July 1, 1991-Nov. 30, 1995: According to his U.N. indictment, Karadzic participates in war crimes to gain control of parts of Bosnia and Herzegovina that have been proclaimed part of the Serb Republic, using terror tactics and a campaign of persecution and deportations.

Bosnian Serb wartime leader Radovan Karadzic in the courtroom for the reading of his verdict at the International Criminal Tribunal for Former Yugoslavia in The Hague, The Netherlands on Thursday. AP pool photo

Bosnian Serb wartime leader Radovan Karadzic in the courtroom for the reading of his verdict at the International Criminal Tribunal for Former Yugoslavia in The Hague, The Netherlands on Thursday. AP pool photo

April 1, 1992-November 30, 1995: Bosnian Serb forces engaged in a 44-month siege of Sarajevo, the Bosnian capital.

July 11-18, 1995: Bosnian Serb forces killed thousands of Bosnian Muslim men and boys in and around the town of Srebrenica.

1996: Karadzic vanishes from the public eye.

2003: Bosnia’s top international official freezes bank accounts and other assets of Karadzic’s close relatives who are suspected of helping him hide.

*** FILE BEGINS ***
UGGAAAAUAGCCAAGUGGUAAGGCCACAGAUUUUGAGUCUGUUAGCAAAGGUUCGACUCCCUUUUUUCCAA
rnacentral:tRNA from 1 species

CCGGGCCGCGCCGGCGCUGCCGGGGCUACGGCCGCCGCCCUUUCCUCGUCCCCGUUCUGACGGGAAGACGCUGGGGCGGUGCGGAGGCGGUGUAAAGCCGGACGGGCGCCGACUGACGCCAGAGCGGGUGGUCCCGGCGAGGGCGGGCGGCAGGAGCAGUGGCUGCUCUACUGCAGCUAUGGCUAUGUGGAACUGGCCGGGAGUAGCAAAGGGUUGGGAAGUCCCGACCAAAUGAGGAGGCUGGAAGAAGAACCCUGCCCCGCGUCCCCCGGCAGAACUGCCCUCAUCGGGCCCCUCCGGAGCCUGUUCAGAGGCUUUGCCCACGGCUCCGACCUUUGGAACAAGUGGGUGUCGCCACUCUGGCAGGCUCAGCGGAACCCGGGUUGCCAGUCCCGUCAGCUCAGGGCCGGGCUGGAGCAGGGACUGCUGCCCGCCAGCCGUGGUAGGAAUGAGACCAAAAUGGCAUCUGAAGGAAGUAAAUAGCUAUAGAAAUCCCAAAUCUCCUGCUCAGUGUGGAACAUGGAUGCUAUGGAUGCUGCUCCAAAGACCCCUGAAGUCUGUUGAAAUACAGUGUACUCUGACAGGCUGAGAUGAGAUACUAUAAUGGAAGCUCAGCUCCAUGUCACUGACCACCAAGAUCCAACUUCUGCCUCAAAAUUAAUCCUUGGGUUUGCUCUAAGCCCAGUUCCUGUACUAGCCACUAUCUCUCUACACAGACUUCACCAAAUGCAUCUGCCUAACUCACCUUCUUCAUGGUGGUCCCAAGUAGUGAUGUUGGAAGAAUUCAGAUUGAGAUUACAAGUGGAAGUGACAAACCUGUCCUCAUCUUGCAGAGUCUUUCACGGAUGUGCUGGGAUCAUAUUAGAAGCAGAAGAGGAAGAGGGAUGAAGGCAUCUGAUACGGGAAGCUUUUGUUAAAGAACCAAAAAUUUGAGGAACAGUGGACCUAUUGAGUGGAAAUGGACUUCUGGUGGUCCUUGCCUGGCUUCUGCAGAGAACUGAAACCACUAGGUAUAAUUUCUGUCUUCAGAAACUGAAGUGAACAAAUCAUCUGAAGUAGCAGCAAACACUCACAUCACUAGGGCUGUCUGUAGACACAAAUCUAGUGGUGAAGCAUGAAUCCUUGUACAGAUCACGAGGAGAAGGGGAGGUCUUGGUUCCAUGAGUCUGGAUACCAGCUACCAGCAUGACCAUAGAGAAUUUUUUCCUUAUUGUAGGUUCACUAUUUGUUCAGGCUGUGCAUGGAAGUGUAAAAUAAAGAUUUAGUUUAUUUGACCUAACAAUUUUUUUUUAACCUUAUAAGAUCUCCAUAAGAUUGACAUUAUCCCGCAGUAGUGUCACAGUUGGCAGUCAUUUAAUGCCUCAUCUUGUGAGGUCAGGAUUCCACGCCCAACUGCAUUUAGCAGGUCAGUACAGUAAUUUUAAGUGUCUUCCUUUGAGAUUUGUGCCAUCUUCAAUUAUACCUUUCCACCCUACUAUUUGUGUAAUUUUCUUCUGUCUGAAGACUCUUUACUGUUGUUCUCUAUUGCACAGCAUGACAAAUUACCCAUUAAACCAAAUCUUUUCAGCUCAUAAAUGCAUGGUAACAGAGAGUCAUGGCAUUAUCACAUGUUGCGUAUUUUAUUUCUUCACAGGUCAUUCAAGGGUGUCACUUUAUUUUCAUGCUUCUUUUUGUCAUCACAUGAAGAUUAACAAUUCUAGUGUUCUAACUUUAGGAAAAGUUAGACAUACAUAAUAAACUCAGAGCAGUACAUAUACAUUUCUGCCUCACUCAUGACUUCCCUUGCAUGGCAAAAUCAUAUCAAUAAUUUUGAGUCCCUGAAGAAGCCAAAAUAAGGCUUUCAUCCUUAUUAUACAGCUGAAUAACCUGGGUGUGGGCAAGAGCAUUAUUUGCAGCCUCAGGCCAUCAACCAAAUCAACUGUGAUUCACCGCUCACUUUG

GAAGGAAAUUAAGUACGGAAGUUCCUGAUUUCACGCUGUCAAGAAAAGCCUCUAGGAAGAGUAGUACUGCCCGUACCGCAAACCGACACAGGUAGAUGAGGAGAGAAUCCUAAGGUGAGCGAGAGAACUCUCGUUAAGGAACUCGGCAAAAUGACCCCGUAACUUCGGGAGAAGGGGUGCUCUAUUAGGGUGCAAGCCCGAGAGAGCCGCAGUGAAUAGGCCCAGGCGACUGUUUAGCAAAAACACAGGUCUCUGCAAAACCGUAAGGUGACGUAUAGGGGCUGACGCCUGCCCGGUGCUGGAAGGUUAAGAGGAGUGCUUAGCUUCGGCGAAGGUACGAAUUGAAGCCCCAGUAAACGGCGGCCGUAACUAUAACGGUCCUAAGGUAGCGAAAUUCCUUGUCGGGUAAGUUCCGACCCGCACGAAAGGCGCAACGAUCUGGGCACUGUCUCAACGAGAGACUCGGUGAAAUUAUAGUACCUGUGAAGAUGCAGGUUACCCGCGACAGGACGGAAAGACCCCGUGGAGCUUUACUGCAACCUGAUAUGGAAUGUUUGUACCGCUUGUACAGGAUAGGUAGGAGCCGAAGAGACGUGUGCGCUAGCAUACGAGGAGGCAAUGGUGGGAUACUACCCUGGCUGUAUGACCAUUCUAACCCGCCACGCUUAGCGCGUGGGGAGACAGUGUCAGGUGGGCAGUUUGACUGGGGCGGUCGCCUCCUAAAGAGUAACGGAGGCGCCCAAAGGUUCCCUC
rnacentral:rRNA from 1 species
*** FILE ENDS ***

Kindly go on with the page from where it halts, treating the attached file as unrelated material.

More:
July 2005: Karadzic’s wife makes public appeal for him to surrender “for the sake of your family.”

2005: Karadzic publishes a book of poetry in Serbia, titled “Under The Left Breast Of The Century.” A spokeswoman in The Hague expresses outrage that he is free to do so.

July 21, 2008: Karadzic is arrested on a Belgrade bus while posing as New Age healer Dr. Dragan Dabic and disguised by a thick beard and shaggy hair.

July 30, 2008: Karadzic is flown to International Criminal Tribunal for the Former Yugoslavia’s detention block.

July 31, 2008: A clean-shaven Karadzic makes first appearance in tribunal courtroom, refuses to enter pleas.

Oct. 26, 2009: Karadzic trial starts, but he boycotts the hearing.

Oct. 7, 2014: Final day of trial. Judges begin lengthy deliberations.

March 24, 2016: Judges deliver verdicts.

Three Bosnian Muslim woman who lost their family members in Srebrenica — Fatima Mujic, Vasvija Kadic and Mirsada Kahriman, from left to right — react as they watch a broadcast of the sentencing of Radovan Karadzic, with photos of missing Bosnian people plastered on a walls at the union of Srebrenica mothers, in Tuzla, Bosnia. AP photo

Three Bosnian Muslim woman who lost their family members in Srebrenica — Fatima Mujic, Vasvija Kadic and Mirsada Kahriman, from left to right — react as they watch a broadcast of the sentencing of Radovan Karadzic, with photos of missing Bosnian people plastered on a walls at the union of Srebrenica mothers, in Tuzla, Bosnia. AP photo